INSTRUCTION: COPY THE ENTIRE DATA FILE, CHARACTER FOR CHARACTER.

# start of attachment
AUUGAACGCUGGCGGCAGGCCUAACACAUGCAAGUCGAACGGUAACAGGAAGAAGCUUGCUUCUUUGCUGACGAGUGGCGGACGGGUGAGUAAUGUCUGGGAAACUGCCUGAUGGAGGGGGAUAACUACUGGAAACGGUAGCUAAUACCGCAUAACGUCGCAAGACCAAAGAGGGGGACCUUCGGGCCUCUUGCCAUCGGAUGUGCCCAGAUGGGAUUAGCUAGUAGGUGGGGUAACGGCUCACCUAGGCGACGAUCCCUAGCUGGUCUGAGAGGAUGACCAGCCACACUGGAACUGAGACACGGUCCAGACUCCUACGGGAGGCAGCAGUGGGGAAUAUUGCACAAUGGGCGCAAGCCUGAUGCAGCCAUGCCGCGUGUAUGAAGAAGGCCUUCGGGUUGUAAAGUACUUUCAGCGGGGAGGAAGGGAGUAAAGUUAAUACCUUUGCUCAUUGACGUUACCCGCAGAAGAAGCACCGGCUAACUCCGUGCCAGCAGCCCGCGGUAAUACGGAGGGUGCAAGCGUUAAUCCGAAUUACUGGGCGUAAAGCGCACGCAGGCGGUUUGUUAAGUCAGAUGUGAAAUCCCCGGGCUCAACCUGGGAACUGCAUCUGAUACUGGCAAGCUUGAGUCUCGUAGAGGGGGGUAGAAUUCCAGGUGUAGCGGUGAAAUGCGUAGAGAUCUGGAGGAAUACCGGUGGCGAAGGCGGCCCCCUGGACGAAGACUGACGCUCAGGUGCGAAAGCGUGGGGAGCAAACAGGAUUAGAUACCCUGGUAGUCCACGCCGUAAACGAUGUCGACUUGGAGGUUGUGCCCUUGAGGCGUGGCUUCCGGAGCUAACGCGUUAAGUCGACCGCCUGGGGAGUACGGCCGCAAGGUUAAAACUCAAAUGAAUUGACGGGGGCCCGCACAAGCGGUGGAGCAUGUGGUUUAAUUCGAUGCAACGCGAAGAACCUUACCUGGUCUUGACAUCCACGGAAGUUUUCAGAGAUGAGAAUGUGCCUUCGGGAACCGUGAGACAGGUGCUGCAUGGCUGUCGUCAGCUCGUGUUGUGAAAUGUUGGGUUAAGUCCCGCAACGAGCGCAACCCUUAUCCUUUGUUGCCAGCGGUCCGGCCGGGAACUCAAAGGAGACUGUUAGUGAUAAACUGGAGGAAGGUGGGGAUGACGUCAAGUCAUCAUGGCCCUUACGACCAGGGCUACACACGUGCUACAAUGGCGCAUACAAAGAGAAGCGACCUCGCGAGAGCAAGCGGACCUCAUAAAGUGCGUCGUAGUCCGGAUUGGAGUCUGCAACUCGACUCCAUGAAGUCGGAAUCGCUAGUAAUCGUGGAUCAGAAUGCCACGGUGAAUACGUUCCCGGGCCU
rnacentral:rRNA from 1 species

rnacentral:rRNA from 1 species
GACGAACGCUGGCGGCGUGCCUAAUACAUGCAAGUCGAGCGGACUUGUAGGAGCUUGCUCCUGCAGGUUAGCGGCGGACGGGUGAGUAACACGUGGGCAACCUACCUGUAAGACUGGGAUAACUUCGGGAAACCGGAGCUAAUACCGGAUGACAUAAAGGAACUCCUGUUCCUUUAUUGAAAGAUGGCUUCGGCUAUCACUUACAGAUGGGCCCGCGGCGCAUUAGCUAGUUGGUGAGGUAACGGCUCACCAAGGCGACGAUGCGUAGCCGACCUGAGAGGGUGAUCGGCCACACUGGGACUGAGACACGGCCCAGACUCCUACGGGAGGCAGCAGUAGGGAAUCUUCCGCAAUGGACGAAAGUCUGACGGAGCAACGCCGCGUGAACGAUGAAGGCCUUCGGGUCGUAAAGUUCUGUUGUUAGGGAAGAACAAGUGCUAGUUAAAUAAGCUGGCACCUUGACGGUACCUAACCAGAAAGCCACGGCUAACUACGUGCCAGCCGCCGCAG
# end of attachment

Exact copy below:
AUUGAACGCUGGCGGCAGGCCUAACACAUGCAAGUCGAACGGUAACAGGAAGAAGCUUGCUUCUUUGCUGACGAGUGGCGGACGGGUGAGUAAUGUCUGGGAAACUGCCUGAUGGAGGGGGAUAACUACUGGAAACGGUAGCUAAUACCGCAUAACGUCGCAAGACCAAAGAGGGGGACCUUCGGGCCUCUUGCCAUCGGAUGUGCCCAGAUGGGAUUAGCUAGUAGGUGGGGUAACGGCUCACCUAGGCGACGAUCCCUAGCUGGUCUGAGAGGAUGACCAGCCACACUGGAACUGAGACACGGUCCAGACUCCUACGGGAGGCAGCAGUGGGGAAUAUUGCACAAUGGGCGCAAGCCUGAUGCAGCCAUGCCGCGUGUAUGAAGAAGGCCUUCGGGUUGUAAAGUACUUUCAGCGGGGAGGAAGGGAGUAAAGUUAAUACCUUUGCUCAUUGACGUUACCCGCAGAAGAAGCACCGGCUAACUCCGUGCCAGCAGCCCGCGGUAAUACGGAGGGUGCAAGCGUUAAUCCGAAUUACUGGGCGUAAAGCGCACGCAGGCGGUUUGUUAAGUCAGAUGUGAAAUCCCCGGGCUCAACCUGGGAACUGCAUCUGAUACUGGCAAGCUUGAGUCUCGUAGAGGGGGGUAGAAUUCCAGGUGUAGCGGUGAAAUGCGUAGAGAUCUGGAGGAAUACCGGUGGCGAAGGCGGCCCCCUGGACGAAGACUGACGCUCAGGUGCGAAAGCGUGGGGAGCAAACAGGAUUAGAUACCCUGGUAGUCCACGCCGUAAACGAUGUCGACUUGGAGGUUGUGCCCUUGAGGCGUGGCUUCCGGAGCUAACGCGUUAAGUCGACCGCCUGGGGAGUACGGCCGCAAGGUUAAAACUCAAAUGAAUUGACGGGGGCCCGCACAAGCGGUGGAGCAUGUGGUUUAAUUCGAUGCAACGCGAAGAACCUUACCUGGUCUUGACAUCCACGGAAGUUUUCAGAGAUGAGAAUGUGCCUUCGGGAACCGUGAGACAGGUGCUGCAUGGCUGUCGUCAGCUCGUGUUGUGAAAUGUUGGGUUAAGUCCCGCAACGAGCGCAACCCUUAUCCUUUGUUGCCAGCGGUCCGGCCGGGAACUCAAAGGAGACUGUUAGUGAUAAACUGGAGGAAGGUGGGGAUGACGUCAAGUCAUCAUGGCCCUUACGACCAGGGCUACACACGUGCUACAAUGGCGCAUACAAAGAGAAGCGACCUCGCGAGAGCAAGCGGACCUCAUAAAGUGCGUCGUAGUCCGGAUUGGAGUCUGCAACUCGACUCCAUGAAGUCGGAAUCGCUAGUAAUCGUGGAUCAGAAUGCCACGGUGAAUACGUUCCCGGGCCU
rnacentral:rRNA from 1 species

rnacentral:rRNA from 1 species
GACGAACGCUGGCGGCGUGCCUAAUACAUGCAAGUCGAGCGGACUUGUAGGAGCUUGCUCCUGCAGGUUAGCGGCGGACGGGUGAGUAACACGUGGGCAACCUACCUGUAAGACUGGGAUAACUUCGGGAAACCGGAGCUAAUACCGGAUGACAUAAAGGAACUCCUGUUCCUUUAUUGAAAGAUGGCUUCGGCUAUCACUUACAGAUGGGCCCGCGGCGCAUUAGCUAGUUGGUGAGGUAACGGCUCACCAAGGCGACGAUGCGUAGCCGACCUGAGAGGGUGAUCGGCCACACUGGGACUGAGACACGGCCCAGACUCCUACGGGAGGCAGCAGUAGGGAAUCUUCCGCAAUGGACGAAAGUCUGACGGAGCAACGCCGCGUGAACGAUGAAGGCCUUCGGGUCGUAAAGUUCUGUUGUUAGGGAAGAACAAGUGCUAGUUAAAUAAGCUGGCACCUUGACGGUACCUAACCAGAAAGCCACGGCUAACUACGUGCCAGCCGCCGCAG